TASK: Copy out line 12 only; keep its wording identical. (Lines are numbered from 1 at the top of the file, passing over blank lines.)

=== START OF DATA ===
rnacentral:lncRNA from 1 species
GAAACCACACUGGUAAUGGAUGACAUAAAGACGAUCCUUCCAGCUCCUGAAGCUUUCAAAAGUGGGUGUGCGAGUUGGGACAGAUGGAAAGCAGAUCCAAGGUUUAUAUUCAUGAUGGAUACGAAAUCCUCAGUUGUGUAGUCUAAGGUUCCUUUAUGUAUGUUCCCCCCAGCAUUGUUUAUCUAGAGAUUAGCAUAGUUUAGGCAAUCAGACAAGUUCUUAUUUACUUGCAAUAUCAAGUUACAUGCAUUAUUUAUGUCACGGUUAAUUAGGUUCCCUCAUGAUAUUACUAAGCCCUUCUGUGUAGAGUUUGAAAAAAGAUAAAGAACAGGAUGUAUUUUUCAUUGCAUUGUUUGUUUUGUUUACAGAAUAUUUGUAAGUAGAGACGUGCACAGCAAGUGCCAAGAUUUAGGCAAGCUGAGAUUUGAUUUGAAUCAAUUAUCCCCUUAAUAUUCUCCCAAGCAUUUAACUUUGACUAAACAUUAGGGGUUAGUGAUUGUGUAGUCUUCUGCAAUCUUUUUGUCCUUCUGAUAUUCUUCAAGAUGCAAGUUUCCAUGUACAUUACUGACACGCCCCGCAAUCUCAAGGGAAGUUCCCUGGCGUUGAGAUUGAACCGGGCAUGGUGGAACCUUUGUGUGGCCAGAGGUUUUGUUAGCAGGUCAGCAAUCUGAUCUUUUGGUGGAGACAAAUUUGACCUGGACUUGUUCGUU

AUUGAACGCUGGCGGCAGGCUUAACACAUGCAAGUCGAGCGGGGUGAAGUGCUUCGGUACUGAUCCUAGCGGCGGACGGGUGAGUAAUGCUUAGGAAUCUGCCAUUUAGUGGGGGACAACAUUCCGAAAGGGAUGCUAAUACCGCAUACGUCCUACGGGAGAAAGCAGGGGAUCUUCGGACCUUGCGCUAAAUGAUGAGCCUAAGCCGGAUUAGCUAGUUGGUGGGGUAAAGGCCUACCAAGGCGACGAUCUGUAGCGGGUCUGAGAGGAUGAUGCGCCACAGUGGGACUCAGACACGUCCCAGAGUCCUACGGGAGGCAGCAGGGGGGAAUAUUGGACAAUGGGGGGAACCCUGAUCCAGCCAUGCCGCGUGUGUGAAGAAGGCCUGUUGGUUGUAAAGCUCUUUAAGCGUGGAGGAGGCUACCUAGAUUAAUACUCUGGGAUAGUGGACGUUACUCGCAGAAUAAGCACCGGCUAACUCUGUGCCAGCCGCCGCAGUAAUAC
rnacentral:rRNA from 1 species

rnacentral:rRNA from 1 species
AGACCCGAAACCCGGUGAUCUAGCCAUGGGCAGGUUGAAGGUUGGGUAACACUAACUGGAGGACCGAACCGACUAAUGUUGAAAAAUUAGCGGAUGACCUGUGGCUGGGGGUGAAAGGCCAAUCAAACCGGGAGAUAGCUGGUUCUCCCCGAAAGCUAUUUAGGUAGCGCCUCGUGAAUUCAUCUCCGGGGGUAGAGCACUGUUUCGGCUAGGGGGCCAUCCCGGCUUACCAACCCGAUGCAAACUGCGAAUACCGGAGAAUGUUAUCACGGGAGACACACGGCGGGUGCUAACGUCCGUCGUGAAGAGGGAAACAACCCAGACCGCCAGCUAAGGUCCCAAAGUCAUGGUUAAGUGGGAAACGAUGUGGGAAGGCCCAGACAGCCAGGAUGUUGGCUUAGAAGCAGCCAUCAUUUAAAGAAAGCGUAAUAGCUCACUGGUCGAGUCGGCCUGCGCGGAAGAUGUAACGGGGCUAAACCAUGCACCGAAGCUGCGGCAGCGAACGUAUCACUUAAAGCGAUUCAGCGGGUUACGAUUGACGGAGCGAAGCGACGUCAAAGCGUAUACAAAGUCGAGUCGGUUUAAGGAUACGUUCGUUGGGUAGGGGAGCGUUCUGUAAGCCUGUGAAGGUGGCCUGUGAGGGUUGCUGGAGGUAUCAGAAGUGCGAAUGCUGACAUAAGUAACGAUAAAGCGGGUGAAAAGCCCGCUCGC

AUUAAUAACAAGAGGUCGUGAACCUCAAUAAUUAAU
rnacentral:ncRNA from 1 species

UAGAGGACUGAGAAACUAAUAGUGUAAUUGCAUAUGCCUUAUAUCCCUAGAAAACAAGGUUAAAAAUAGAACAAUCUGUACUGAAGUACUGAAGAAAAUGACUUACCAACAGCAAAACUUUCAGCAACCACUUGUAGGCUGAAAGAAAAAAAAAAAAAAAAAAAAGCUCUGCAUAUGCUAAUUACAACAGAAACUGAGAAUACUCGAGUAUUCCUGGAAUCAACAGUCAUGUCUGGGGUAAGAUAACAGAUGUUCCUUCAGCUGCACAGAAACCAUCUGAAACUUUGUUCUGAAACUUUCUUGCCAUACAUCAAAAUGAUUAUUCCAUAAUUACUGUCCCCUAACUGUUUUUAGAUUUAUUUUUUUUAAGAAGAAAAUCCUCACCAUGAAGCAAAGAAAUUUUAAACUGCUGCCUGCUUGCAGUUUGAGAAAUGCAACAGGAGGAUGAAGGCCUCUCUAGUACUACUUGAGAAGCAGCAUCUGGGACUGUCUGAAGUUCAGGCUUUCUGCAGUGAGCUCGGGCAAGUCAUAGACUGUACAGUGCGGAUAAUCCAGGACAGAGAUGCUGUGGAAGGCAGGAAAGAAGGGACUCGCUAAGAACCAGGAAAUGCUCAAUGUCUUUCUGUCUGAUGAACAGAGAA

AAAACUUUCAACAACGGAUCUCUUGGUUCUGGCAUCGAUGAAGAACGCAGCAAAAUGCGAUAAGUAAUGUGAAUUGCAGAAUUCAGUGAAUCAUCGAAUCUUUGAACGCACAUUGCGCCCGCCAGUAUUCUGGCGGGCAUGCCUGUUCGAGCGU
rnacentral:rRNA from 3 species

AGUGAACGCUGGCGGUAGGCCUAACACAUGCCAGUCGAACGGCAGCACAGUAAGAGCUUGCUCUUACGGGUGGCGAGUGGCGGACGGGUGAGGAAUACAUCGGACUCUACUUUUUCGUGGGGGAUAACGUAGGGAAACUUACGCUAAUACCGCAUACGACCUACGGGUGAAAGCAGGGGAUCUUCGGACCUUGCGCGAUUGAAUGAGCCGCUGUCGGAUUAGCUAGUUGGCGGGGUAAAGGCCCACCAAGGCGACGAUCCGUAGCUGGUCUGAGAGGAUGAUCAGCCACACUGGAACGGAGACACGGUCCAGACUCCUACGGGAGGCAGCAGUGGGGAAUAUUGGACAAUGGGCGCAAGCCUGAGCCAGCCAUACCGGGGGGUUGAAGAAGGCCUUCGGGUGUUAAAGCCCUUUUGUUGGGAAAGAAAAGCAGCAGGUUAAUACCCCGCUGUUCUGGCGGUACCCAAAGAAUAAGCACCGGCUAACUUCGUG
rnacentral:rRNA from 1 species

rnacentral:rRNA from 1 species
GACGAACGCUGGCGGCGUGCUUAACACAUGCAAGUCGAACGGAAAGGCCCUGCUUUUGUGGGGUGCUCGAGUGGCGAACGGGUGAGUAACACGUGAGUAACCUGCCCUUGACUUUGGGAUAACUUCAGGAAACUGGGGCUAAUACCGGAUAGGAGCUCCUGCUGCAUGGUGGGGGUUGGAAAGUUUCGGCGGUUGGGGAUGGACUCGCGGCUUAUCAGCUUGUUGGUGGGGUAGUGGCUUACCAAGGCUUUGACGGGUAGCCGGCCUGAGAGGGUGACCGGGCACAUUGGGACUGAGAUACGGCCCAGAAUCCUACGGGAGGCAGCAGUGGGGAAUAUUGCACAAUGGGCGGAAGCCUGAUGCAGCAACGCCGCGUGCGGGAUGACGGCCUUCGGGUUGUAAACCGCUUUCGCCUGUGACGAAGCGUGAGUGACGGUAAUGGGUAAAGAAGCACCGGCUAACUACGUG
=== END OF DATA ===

AGUGAACGCUGGCGGUAGGCCUAACACAUGCCAGUCGAACGGCAGCACAGUAAGAGCUUGCUCUUACGGGUGGCGAGUGGCGGACGGGUGAGGAAUACAUCGGACUCUACUUUUUCGUGGGGGAUAACGUAGGGAAACUUACGCUAAUACCGCAUACGACCUACGGGUGAAAGCAGGGGAUCUUCGGACCUUGCGCGAUUGAAUGAGCCGCUGUCGGAUUAGCUAGUUGGCGGGGUAAAGGCCCACCAAGGCGACGAUCCGUAGCUGGUCUGAGAGGAUGAUCAGCCACACUGGAACGGAGACACGGUCCAGACUCCUACGGGAGGCAGCAGUGGGGAAUAUUGGACAAUGGGCGCAAGCCUGAGCCAGCCAUACCGGGGGGUUGAAGAAGGCCUUCGGGUGUUAAAGCCCUUUUGUUGGGAAAGAAAAGCAGCAGGUUAAUACCCCGCUGUUCUGGCGGUACCCAAAGAAUAAGCACCGGCUAACUUCGUG